Brazilian operators must purchase primary insurance from Brazilian underwriters.

The Brazilian Aeronautical Code states a minimum obligatory level of liability insurance, which does not meet industry standards. Lease agreements usually require industry-standard cover to complement the statutory insurance.

A minimum of 40% of all reinsurance risks must be offered by Brazilian primary insurers to Brazilian-based reinsurers (who typically take considerably less).

Cut-through clauses are valid only if the primary insurer is insolvent. Otherwise, proceeds must be processed through the primary underwriter. Nevertheless, cut-through clauses are common in aviation insurance policies.

Assignments of insurance/reinsurance are permitted in relation to aircraft leases or finance agreements. Increasingly, parties rely on loss beneficiaries named in policies in lieu of assignments.

Upon an event of default under a lease agreement, the lessor has the right to exercise remedies provided thereunder, including, without limitation, terminating the lease. This right is covered by the Brazilian Civil Code, the Code of Civil Procedure and the Cape Town Convention (Articles 10 and 13). Termination must be preceded by a notice of default extending a last opportunity to cure the default. Subsequently, should the lessee not remedy the event of default, a new notice should be sent, unilaterally terminating the lease agreement.

Self-help remedies, other than the irrevocable deregistration and export request authorisation (IDERA), are not valid or enforceable in Brazil. If an operator does not voluntarily tender the aircraft in Brazil, then a lessor would have to file a lawsuit seeking repossession. If the aircraft is physically located in another jurisdiction, then the repossession rules of that jurisdiction might apply for the taking of physical possession.

Since the implementation of the Cape Town Convention, it has been important to separate the deregistration and exportation processes. For deregistration through IDERAs, ANAC acts expeditiously and issues the deregistration confirmation within five working days. For the exportation process, the tax authorities have never issued regulations relating to export clearances. Therefore, export authorisation must be considered on a case-by-case basis.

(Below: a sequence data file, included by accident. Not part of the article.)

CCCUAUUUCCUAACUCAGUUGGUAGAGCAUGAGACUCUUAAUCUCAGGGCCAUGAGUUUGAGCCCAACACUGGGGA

There are no restrictions on a lessor’s ability to sell the aircraft following termination of the lease; however, a sale would not necessarily relieve the buyer of export authorisation requirements.

Aircraft need not be physically located in Brazil for deregistration purposes.

If a lessor requires a certificate of airworthiness for export to the next jurisdiction of registration, it must be obtained prior to deregistration.

See 2.6.1 Restrictions on Lessors’ Abilities.

No specific competent courts decide aviation disputes and enforcement. These are adjudicated in State Courts in Brazil as disputes between private parties.

A summary judgment is possible but rare in Brazil and almost unheard of in aircraft repossession cases. It is common to obtain an interim repossession order quickly if the lease default is objectively demonstrated. These orders are not equivalent to summary judgments because they are issued before the lessee has had an opportunity to present a defence. According to Brazil’s Cape Town Convention Declarations, lessors are entitled to “speedy relief”, defined as ten working days.